Thoughts from daily Bible reading for today – October 30, 2018
And who knows but that you have come to your royal position for such a time as this? Esther 4:14b
Before my husband and I tied the knot, I had lots of rules about what I believed would make me happy in marriage. One of my rules was to never date men with kids, because I was definitely not going to become a part of a blended family. My logic went like this: “If God’s plan is one man with one woman for life, nothing else will be His best for me.”
I believed that marrying a man with kids meant I would be trapped in unending blended-family drama. But if I married a man without kids I would have a happy life.
As the years rolled into my thirties, I dated a few guys without kids and learned (the obvious lesson!) that just because a man hasn’t been married doesn’t guarantee a happy relationship.
Then I met Clark. He made me laugh; he loved God, had loads of integrity, and he was my good friend. But I wasn’t interested in him mainly because he had kids. Granted, they were almost grown, and he had the biblical right to remarry, but I had always felt that if I married a man with kids that I would not only be unhappy, but I wouldn’t be welcome in my new family. We’ve all heard stories about the “evil stepmom.” I had no desire to wear that label!
But something happened that began to change my perspective: I read the Book of Ruth.
In the Cliffs Notes version of this beloved Bible story, Naomi has two daughters-in-law, Ruth and Orpah. Naomi’s sons die, leaving her alone with her with these two young women. Then, Ruth meets and marries Boaz. Together they have a son and name him Obed. As a result, Naomi’s joy is restored—and later, Jesus comes through Ruth’s lineage!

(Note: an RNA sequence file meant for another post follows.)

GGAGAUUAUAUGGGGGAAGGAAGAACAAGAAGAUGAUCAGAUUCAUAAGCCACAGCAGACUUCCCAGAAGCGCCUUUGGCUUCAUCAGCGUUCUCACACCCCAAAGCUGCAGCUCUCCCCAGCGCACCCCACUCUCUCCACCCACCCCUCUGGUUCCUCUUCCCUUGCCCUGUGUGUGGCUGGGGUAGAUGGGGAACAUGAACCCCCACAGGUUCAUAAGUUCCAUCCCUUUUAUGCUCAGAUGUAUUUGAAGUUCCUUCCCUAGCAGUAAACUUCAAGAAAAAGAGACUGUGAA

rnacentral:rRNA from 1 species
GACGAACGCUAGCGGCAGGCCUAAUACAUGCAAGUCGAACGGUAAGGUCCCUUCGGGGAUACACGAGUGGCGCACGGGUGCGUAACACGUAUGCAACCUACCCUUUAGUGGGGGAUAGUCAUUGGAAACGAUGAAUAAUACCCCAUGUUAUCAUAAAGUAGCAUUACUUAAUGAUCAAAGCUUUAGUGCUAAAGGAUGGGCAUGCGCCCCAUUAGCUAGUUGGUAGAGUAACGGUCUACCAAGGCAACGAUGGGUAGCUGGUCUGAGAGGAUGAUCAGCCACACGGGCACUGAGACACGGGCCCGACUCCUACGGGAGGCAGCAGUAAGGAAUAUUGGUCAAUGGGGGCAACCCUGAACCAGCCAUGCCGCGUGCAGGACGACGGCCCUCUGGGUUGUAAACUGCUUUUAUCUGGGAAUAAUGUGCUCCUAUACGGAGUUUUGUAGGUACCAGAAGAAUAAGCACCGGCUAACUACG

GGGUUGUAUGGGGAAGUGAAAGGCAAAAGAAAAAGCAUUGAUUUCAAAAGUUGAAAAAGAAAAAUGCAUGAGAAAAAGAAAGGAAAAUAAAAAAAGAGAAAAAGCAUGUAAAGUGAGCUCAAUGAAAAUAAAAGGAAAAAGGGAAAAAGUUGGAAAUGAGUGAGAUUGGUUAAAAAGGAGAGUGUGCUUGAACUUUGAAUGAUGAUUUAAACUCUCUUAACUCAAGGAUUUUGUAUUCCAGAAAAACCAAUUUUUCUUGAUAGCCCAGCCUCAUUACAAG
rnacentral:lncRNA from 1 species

As I read I thought, “Wait a minute! If I had written this story, it would have a different plot and wouldn’t be so messy. Naomi’s sons wouldn’t have died and Ruth wouldn’t have remarried. The family would have stayed together. It would have been a ‘white-picket-fence life.’” But that’s not how God chose to script the narrative. Instead, he took three people who were not biologically related to one another: Ruth, Naomi, and Boaz—and he made a new family!
Through reading the Book of Ruth with fresh eyes, it struck me that since the fall God has been bringing about redemption for His people. He takes broken people whose lives have been torn apart through tragedy and sin and makes utterly beautiful things. That’s what happened in the book of Ruth.
Through my new revelation, the Lord began to change my heart. He helped me to see that there are times we get to play a part in His redemptive story, just like Ruth, Boaz, and Naomi did. And, he convinced me that I could play a redemptive role in my new family. So instead of seeing myself as someone who didn’t belong, someone who no one but Clark would want, I started to believe I could have holy purpose, not because I am good but because God is.
So, what does this mean for you? This means that even when life doesn’t turn out the way you envision, God is at work bringing about redemption in your circumstances. And perhaps He may want you to play a role in His story to be a redemptive gift for someone else. Will you open your heart to that possibility today?
“God is faithful, by whom you were called into the fellowship of his Son, Jesus Christ our Lord (1 Corinthians 1:9).
Lord, please help me to be open to however you would like to use me to be a blessing and to reveal your glory to others. Amen.
Take a few moments to read your favorite Bible story and note the ways that God was at work to bring about redemption.
God takes broken people whose lives have been torn apart by tragedy and pieces together stunningly beautiful things. #WisdomHunters #imperfectlife
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